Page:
Beijing condemns ‘gross interference’ as relations remain strained by territorial disputes with Japan and others in region
Barack Obama is to meet the Dalai Lama, Tibet's exiled spiritual leader, at the White House on Friday – with the Chinese government immediately condemning it is a "gross interference" in China's internal affairs that will "seriously damage" relations with Washington.
Obama's announcement of a midmorning session with the Dalai Lama was sure to draw a reprimand from China, which views him as a violent separatist because he seeks more autonomy for Tibet. In its announcement the White House said the Dalai Lama was "an internationally respected religious and cultural leader" and noted Obama had met with him twice before, in February 2010 and July 2011.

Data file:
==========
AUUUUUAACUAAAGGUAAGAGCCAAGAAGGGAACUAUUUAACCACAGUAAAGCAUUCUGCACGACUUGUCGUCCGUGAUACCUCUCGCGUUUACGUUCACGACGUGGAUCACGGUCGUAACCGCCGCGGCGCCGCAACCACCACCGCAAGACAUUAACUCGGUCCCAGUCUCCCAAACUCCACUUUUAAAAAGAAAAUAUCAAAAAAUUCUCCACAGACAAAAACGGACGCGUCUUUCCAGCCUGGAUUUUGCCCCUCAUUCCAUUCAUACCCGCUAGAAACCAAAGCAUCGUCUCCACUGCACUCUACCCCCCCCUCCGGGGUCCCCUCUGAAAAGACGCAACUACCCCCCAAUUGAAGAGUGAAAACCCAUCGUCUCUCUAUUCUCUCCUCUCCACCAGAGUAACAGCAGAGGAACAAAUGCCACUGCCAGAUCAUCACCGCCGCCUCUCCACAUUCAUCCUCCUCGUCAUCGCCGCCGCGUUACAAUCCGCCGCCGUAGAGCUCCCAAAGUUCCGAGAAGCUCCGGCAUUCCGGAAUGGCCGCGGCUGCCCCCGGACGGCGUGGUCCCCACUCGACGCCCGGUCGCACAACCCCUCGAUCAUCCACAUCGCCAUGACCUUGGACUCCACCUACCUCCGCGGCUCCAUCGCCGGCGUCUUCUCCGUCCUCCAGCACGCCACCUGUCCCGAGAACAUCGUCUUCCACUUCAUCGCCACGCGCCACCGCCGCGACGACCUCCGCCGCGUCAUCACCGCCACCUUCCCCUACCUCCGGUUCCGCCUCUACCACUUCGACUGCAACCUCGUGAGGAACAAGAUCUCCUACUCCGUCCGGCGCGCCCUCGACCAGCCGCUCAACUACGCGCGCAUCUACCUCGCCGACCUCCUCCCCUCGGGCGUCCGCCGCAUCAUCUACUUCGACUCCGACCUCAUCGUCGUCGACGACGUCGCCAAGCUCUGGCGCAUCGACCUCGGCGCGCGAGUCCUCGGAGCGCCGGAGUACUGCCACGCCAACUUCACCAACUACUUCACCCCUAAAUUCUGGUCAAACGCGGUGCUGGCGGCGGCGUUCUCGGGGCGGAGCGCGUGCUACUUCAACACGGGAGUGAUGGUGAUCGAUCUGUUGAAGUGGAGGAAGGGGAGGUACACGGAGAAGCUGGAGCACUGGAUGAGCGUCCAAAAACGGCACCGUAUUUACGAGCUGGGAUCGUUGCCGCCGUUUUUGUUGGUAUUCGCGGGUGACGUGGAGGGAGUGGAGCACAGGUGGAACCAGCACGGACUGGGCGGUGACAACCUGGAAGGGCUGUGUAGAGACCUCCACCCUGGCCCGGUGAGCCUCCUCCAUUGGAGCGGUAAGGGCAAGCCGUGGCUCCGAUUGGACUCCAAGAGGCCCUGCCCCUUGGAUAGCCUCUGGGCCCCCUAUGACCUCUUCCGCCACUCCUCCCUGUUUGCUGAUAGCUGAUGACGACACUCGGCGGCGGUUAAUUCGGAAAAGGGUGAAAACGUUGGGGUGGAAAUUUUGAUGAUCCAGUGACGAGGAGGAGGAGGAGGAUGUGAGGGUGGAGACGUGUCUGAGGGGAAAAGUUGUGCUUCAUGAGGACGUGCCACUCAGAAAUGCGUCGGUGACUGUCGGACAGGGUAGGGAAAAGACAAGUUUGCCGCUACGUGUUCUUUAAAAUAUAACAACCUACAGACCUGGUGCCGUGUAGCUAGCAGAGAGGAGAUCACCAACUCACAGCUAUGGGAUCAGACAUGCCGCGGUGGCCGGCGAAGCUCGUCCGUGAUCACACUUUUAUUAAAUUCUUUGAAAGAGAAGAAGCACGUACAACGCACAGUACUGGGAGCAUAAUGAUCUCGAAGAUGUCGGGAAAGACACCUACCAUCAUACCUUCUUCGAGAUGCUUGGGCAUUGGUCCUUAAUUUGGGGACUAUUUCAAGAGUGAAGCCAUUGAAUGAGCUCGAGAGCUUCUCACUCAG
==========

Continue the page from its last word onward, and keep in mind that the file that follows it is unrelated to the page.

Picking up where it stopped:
In what appears to be a small concession to the Chinese, Obama will see the Dalai Lama in the White House Map Room, a historically important place but of less significance than the Oval Office, the president's inner sanctum.
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